14. Certainly not a bolt-on modification. there was some play between the needle bearings and the new pin, And I needed to tighten the pin to the point where there is some resistance. The Crown repair kit may not be that great. I may look into American made needle bearings, or the whole kit if anyone knows a good source? Thanks adam
  15. Wow, Adam! This changeover is involved. Can see where this went. You now have a heavy duty bellcrank upgrade! Moses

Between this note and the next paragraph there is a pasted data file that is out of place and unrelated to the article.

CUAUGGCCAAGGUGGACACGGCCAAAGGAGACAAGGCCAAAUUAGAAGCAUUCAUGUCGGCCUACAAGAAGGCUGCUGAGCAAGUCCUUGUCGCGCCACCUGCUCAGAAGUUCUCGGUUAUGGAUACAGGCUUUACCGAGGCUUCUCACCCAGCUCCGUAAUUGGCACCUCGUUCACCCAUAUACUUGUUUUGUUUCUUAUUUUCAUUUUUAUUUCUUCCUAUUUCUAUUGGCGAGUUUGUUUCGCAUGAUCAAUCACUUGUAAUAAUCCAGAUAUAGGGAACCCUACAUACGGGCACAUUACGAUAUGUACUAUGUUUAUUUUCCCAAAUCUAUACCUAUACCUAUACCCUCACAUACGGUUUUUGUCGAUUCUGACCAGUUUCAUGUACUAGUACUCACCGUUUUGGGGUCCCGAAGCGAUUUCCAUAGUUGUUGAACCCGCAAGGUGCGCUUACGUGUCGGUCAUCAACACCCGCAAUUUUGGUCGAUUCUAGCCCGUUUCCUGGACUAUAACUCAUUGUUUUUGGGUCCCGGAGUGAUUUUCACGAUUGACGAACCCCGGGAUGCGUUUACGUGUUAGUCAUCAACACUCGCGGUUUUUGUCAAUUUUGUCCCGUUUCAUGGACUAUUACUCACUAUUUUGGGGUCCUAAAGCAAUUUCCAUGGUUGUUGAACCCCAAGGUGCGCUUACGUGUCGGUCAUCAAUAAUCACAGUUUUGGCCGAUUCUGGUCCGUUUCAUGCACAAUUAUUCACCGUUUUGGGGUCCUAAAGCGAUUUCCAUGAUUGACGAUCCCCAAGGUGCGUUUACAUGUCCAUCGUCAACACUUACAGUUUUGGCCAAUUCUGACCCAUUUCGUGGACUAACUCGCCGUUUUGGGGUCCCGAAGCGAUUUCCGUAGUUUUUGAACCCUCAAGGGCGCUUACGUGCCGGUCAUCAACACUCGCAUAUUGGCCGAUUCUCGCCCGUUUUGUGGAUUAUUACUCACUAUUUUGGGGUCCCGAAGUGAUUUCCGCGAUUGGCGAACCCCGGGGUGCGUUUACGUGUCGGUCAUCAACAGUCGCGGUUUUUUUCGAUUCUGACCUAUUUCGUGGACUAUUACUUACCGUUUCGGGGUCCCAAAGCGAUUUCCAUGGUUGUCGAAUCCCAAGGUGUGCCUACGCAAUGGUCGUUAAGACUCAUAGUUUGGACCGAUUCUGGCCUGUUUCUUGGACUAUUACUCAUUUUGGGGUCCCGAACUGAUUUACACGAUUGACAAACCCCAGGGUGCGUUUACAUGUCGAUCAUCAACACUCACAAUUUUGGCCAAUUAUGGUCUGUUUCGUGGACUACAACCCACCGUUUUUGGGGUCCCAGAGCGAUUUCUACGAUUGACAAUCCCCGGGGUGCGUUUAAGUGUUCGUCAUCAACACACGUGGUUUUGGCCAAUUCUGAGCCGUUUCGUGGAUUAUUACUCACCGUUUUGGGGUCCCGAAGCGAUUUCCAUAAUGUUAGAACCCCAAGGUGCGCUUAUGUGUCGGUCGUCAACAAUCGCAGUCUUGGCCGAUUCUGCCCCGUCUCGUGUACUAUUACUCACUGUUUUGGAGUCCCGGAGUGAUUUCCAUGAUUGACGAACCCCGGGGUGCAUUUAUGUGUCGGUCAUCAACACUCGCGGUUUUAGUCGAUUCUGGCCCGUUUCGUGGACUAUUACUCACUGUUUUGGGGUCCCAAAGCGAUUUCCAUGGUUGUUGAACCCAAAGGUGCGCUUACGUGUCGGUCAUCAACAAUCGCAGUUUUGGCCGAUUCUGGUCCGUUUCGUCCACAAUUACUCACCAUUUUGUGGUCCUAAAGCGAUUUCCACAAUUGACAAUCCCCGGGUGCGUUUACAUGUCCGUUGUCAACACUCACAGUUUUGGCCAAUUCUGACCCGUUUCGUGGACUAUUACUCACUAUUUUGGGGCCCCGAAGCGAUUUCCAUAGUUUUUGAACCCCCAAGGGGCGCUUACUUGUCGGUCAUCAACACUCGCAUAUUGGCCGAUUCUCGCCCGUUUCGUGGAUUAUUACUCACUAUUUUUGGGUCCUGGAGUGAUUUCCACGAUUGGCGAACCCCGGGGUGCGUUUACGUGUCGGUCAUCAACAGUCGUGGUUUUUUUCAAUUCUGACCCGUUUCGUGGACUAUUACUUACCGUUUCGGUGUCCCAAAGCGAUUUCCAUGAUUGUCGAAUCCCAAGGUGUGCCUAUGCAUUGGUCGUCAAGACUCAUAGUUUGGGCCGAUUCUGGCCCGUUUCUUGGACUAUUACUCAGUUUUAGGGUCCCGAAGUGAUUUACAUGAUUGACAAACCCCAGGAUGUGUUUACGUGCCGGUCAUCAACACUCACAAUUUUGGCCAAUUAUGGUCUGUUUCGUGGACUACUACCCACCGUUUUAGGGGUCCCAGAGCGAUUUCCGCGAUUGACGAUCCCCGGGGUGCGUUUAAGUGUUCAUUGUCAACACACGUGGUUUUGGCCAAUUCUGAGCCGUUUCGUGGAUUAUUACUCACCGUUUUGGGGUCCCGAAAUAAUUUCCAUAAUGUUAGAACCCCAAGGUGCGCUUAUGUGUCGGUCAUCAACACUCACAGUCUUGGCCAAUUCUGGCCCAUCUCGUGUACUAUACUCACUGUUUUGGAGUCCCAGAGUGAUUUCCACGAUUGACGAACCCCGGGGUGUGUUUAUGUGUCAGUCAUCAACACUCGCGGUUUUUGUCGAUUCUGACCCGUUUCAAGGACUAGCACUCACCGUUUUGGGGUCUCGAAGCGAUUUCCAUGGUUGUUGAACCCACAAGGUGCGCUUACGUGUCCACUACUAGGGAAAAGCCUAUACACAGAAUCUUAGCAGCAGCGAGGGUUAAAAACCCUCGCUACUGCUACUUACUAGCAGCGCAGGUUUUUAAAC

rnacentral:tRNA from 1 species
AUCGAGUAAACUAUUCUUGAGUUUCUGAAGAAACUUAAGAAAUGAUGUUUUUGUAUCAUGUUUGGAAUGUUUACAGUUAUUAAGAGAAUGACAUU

16. Mike, aren't the Jeep vintage vehicles great for repro parts! The rear bumper will work well, amazing that the market is still supported at this level. As for the unused lock tab on the bearing, that's on par. Our neighbor up the block has a JK Wrangler Unlimited built to the nines for the Rubicon Trail and hardcore wheeling. He has aftermarket Dana 60 front and rear axles that cost a small fortune. The manufacturer (name withheld to prevent a pissing match), went off on its own tangent with the full-floating front hub bearing arrangement. The design, two nuts without a key way-indexed thrust washer placed between the inner nut and the outer wheel bearing, guaranteed that the nuts would work loose at some point. They did. At the left side of the vehicle, the right hand thread nuts and thin tin lock plate came loose. There was no stack height on the stubby aftermarket spindles to install thrust washers. I am a stickler for OEM engineering as a baseline. There is a Ford OEM application prototype (F450 live full-floating front axle) that offers the correct thrust washer, nuts and lock tab sequencing. Unfortunately, the aftermarket manufacturer decided that off-roaders would like a stubby spindle with no stick-out like a stock Ford spindle and hub; this meant no room for an OEM type key way indexed thrust washer, an inner adjuster nut, a lock plate and an outer lock nut. Two nuts jammed against each other with no inner thrust washer does not work when the weight of a vehicle pushes the hub bearings outward, directly against the inner nut. The left side nuts (right hand thread) and flimsy lock plate came loose. Many companies are more concerned about product liability insurance than proper engineering. The owner shared the issue with the manufacturer, this was clearly a safety issue, and the concern fell on deaf ears. If I wanted Dana 60 axles under a Jeep, my first stop would be a recycling yard for Ford F350/F450 prototype beam axles. Cut and relocate the spring perches. Save $5000 per axle. Moses